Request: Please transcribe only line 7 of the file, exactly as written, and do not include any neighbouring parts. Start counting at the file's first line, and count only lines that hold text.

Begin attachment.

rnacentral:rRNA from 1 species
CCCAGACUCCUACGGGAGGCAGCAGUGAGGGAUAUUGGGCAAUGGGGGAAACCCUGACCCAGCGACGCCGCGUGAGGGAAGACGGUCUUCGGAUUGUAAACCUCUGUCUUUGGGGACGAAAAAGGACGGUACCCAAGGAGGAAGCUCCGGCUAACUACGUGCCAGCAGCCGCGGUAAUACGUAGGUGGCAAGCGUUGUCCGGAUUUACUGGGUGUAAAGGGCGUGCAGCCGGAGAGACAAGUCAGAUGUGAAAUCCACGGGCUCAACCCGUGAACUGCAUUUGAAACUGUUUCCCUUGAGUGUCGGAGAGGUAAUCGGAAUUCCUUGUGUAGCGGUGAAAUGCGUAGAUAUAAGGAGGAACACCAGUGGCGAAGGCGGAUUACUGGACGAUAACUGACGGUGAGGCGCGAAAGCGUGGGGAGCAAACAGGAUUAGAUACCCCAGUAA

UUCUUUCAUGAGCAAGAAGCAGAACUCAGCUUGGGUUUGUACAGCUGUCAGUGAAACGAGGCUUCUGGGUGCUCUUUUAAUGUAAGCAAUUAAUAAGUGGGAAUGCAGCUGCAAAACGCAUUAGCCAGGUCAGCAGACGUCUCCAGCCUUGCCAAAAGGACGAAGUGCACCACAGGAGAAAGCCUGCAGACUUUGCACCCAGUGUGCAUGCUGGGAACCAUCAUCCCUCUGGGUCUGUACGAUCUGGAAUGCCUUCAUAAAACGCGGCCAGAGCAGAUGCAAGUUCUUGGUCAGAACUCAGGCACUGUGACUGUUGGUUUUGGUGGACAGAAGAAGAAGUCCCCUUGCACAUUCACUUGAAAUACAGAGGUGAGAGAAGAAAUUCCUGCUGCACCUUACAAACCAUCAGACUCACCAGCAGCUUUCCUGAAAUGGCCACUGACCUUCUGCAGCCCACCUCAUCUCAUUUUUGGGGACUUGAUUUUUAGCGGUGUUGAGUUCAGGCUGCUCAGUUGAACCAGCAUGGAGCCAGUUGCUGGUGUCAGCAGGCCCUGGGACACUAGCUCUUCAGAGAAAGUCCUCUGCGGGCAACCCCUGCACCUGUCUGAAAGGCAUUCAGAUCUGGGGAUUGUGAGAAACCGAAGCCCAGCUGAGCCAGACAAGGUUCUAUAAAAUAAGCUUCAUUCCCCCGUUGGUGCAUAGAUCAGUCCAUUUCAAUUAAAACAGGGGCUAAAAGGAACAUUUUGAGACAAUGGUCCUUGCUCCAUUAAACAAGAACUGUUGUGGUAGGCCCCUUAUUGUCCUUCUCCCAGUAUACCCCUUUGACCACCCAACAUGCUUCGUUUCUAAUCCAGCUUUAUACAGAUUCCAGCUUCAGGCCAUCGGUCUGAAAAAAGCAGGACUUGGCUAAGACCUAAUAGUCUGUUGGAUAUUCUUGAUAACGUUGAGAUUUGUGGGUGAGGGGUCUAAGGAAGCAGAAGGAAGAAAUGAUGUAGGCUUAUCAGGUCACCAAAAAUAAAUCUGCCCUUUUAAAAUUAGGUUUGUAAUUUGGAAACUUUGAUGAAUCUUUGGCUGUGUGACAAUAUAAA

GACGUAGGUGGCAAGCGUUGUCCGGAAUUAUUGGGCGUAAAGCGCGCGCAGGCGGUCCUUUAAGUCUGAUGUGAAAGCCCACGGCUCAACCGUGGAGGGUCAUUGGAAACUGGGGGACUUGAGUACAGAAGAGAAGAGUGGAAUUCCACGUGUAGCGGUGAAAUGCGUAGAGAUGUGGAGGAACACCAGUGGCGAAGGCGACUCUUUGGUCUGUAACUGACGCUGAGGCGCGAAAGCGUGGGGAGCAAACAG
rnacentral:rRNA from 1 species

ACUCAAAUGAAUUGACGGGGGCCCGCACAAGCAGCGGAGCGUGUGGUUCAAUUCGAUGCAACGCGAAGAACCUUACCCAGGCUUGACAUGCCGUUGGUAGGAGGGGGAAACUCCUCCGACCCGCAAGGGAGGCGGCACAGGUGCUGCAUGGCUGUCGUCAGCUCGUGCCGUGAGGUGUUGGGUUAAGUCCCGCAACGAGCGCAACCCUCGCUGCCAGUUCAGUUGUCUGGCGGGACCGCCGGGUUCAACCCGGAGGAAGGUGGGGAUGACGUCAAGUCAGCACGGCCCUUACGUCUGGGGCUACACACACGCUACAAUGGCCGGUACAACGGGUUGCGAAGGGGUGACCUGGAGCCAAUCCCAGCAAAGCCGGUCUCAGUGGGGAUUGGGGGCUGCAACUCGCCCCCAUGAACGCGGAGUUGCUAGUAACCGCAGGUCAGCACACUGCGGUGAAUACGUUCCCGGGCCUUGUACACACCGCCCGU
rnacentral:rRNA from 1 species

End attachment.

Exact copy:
rnacentral:rRNA from 1 species